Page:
It seems they had an off the shelf home network server type device that would be available at any big box electronic store. You see they had a fair bit of information locally stored on the computer system and they had been increasing this amount during the last couple months of their employ. The data was still on the computer in fact, even after they departed, no deletion. What we were able to discern is that when they went home, this home server device was then local to their computer and they merely clicked the “M:” drive and they could then copy the files from the laptop to the home server. We were able to build essentially an index of the contents of this home server device from forensic artifacts on the laptop, without even seeing the server itself. Pretty cool! Another interesting piece we took note of during the course of this investigation occurred while reviewing the files that had been moved. Lo and behold there was another salesperson’s name that kept coming up, either in content or noted on some of the folders. I’ll tell you, as an investigator for over 25 years those are the moments that make you sit up and lean in for a closer look at what you’ve uncovered, while thinking, “Well…what do we have here?” When we brought this to the client’s attention, the implication slowly took root as they remarked that this other salesperson had left their employ shortly after the first subject. Thus, we reviewed their system as well. The most notable item uncovered on this computer system was the new venture’s business plan. Notable indeed! Fragments were carved from the computer’s unallocated data and reassembled to form a fairly complete business plan. From this document’s details, we were able to go back to the original subject’s machine and discovered that the disingenuous duo had setup their own accounts for the new business with their ex-employer’s vendors. Evidently these vendors did not take issue with the idea of the employees subverting their employer’s revenue since they would still be making sales I suppose.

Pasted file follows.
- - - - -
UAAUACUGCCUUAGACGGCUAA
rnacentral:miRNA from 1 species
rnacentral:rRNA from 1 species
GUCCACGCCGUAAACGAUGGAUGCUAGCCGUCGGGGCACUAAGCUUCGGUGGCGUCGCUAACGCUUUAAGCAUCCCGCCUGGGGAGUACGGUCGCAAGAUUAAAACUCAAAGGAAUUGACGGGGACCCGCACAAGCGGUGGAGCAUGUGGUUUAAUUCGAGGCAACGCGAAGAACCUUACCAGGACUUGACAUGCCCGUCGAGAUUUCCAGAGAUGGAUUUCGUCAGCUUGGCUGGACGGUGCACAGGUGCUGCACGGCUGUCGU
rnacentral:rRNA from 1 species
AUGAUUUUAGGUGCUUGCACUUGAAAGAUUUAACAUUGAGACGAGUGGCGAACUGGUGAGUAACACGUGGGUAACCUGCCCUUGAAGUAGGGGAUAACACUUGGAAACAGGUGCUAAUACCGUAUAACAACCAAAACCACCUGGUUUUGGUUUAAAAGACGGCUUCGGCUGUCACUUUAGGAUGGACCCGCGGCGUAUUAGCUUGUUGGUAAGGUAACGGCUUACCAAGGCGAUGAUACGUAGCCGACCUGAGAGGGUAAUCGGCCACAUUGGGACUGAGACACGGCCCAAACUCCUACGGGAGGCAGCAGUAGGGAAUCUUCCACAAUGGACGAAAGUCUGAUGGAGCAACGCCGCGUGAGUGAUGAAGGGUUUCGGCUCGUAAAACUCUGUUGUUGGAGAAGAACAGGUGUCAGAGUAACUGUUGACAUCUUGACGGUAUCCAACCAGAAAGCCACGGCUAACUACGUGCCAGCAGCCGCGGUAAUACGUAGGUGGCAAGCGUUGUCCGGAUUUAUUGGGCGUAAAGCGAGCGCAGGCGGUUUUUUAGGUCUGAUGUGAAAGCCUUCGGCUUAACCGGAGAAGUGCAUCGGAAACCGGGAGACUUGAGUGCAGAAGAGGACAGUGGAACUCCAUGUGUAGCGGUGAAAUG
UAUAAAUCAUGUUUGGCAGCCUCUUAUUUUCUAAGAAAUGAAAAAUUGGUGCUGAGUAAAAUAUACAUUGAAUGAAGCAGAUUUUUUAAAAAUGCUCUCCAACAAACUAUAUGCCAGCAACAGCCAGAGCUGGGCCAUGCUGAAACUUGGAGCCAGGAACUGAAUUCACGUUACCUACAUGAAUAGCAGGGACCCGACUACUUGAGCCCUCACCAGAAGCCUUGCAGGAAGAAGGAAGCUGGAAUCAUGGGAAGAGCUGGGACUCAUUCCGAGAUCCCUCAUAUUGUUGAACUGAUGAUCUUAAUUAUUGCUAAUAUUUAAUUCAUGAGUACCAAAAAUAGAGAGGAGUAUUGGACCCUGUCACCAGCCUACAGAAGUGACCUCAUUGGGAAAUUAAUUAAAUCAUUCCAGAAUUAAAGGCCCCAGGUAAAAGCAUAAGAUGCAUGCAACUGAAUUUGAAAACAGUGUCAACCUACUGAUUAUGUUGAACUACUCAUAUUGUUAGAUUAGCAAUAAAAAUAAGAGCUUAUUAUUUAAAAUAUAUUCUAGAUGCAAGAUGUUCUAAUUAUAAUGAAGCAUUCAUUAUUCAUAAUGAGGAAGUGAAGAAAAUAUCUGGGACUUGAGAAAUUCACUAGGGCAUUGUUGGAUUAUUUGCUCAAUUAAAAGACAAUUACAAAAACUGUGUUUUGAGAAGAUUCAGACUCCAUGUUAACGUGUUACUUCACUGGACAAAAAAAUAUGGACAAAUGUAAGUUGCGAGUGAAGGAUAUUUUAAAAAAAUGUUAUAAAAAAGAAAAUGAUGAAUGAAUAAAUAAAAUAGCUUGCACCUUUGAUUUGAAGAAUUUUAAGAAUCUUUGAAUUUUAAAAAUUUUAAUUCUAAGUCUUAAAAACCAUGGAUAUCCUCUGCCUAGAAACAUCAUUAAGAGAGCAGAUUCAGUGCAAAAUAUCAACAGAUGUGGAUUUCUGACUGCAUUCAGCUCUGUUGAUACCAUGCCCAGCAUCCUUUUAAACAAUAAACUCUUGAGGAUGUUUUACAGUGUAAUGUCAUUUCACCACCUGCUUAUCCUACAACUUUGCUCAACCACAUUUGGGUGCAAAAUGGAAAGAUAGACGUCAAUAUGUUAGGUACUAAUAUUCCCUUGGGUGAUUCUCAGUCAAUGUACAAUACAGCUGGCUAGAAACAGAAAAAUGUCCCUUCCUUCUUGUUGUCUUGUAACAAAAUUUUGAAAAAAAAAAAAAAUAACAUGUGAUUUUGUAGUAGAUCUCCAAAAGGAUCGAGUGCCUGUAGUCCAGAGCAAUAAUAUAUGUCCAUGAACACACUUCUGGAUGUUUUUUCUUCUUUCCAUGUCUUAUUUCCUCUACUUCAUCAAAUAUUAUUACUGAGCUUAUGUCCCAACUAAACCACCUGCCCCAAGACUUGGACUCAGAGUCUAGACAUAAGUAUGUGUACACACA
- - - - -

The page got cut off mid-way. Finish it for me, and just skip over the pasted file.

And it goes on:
The other very interesting take away from the business plan was that the new venture was funded by the employees’ 401k accounts, a so called ROBS plan or Rollover as Business Startup. Now, before I go any further I’ll give you a brief history on these two employees; they were young and had been employed by our client for about 10 years, during which time they had managed to work themselves into sales positions even though they had no sales experience. They had worked for our client and made contributions to the company sponsored 401k plan. You might be wondering now, “Why go into this detail when we’re talking about forensics?” I’ll explain. Remember how the employees used their retirement plans to help fund their new venture? Well, the company matched funds up to 4% in this plan. Thus, the company had unwittingly helped fund the pair’s future venture. Well, fortunately for our client the story doesn’t end there. Armed with this ironclad evidence from our investigation, outside counsel was engaged and litigation was initiated. Then, almost as soon as it began, it stopped and culminated with an agreed judgment and motion for permanent injunction granted. Case closed! This story is a great example of the importance of being able to interpret data, convey the results to a client in an understandable language and plain old fashion paying attention during an investigation. Oftentimes, small details or patterns are dismissed by others as insignificant or just missed completely as they operate with tunnel vision, just checking the boxes. We like helping our clients win, so paying attention to details is an obvious, but often underutilized skill that is not only second nature for us, but invaluable to a case. I hope you enjoyed this post, more stories to follow!